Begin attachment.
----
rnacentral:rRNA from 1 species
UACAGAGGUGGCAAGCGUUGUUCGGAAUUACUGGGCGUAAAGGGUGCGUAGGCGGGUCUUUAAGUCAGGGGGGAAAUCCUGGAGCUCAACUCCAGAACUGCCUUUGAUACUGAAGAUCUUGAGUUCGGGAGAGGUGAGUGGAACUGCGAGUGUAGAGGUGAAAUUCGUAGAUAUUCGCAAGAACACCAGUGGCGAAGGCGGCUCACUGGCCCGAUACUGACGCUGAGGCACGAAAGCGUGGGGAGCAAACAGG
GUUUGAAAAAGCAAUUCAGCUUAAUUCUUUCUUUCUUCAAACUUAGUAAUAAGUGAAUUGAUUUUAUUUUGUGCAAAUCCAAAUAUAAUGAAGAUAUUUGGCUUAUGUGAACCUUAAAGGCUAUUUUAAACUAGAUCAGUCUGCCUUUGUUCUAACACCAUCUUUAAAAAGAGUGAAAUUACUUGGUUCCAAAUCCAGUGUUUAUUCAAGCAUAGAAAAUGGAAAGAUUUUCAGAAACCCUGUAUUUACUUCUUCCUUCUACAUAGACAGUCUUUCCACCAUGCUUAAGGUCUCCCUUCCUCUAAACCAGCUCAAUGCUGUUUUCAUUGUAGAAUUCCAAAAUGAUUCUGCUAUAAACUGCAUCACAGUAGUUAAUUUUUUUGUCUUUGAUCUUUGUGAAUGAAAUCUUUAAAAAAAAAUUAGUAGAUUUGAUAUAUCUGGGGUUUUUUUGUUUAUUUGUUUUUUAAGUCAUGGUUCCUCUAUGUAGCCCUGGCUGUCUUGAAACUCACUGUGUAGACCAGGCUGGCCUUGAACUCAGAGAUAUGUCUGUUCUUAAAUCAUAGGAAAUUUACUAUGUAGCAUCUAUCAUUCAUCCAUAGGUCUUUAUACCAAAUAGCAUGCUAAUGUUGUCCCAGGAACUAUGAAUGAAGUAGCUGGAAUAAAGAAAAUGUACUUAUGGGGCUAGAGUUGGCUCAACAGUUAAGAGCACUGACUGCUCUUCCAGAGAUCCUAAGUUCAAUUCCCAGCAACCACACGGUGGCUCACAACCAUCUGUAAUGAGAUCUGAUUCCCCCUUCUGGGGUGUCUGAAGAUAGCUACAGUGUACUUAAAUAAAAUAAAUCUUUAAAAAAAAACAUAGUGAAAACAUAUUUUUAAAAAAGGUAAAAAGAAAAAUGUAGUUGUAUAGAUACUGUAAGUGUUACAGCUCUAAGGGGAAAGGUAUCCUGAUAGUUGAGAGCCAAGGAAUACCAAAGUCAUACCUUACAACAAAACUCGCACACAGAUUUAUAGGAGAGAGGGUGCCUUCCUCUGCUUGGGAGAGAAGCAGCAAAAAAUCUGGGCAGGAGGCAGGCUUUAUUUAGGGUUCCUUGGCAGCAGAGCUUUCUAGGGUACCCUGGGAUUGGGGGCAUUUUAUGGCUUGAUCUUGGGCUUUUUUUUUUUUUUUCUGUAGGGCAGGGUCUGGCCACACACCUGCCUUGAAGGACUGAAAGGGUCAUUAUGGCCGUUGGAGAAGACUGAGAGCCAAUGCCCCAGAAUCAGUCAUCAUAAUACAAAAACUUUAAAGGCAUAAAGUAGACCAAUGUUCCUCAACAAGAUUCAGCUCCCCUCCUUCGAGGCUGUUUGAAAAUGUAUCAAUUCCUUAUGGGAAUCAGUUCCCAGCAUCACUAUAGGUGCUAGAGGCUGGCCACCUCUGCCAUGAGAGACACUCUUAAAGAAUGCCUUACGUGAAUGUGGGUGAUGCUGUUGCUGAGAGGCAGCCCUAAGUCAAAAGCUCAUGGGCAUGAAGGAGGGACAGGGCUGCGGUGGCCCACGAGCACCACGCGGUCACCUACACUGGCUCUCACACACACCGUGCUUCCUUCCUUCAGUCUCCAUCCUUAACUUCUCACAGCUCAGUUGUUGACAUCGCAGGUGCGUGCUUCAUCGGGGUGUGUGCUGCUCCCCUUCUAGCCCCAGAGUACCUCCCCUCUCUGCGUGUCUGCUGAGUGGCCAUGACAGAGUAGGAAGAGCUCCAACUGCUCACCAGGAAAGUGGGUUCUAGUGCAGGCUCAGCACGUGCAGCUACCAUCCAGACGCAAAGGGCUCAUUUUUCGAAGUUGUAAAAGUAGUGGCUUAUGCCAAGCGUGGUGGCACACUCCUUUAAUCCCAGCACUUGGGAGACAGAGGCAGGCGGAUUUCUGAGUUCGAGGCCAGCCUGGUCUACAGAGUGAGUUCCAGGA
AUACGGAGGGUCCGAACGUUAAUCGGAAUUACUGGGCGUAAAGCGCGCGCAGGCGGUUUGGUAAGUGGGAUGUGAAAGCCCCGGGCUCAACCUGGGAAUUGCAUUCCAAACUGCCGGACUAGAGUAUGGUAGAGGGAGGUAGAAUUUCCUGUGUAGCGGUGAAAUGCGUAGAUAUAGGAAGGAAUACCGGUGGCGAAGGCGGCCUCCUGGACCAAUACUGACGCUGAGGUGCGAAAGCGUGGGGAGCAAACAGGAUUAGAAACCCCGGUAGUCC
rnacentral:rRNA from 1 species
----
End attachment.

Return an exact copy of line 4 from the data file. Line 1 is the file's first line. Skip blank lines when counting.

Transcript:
AUACGGAGGGUCCGAACGUUAAUCGGAAUUACUGGGCGUAAAGCGCGCGCAGGCGGUUUGGUAAGUGGGAUGUGAAAGCCCCGGGCUCAACCUGGGAAUUGCAUUCCAAACUGCCGGACUAGAGUAUGGUAGAGGGAGGUAGAAUUUCCUGUGUAGCGGUGAAAUGCGUAGAUAUAGGAAGGAAUACCGGUGGCGAAGGCGGCCUCCUGGACCAAUACUGACGCUGAGGUGCGAAAGCGUGGGGAGCAAACAGGAUUAGAAACCCCGGUAGUCC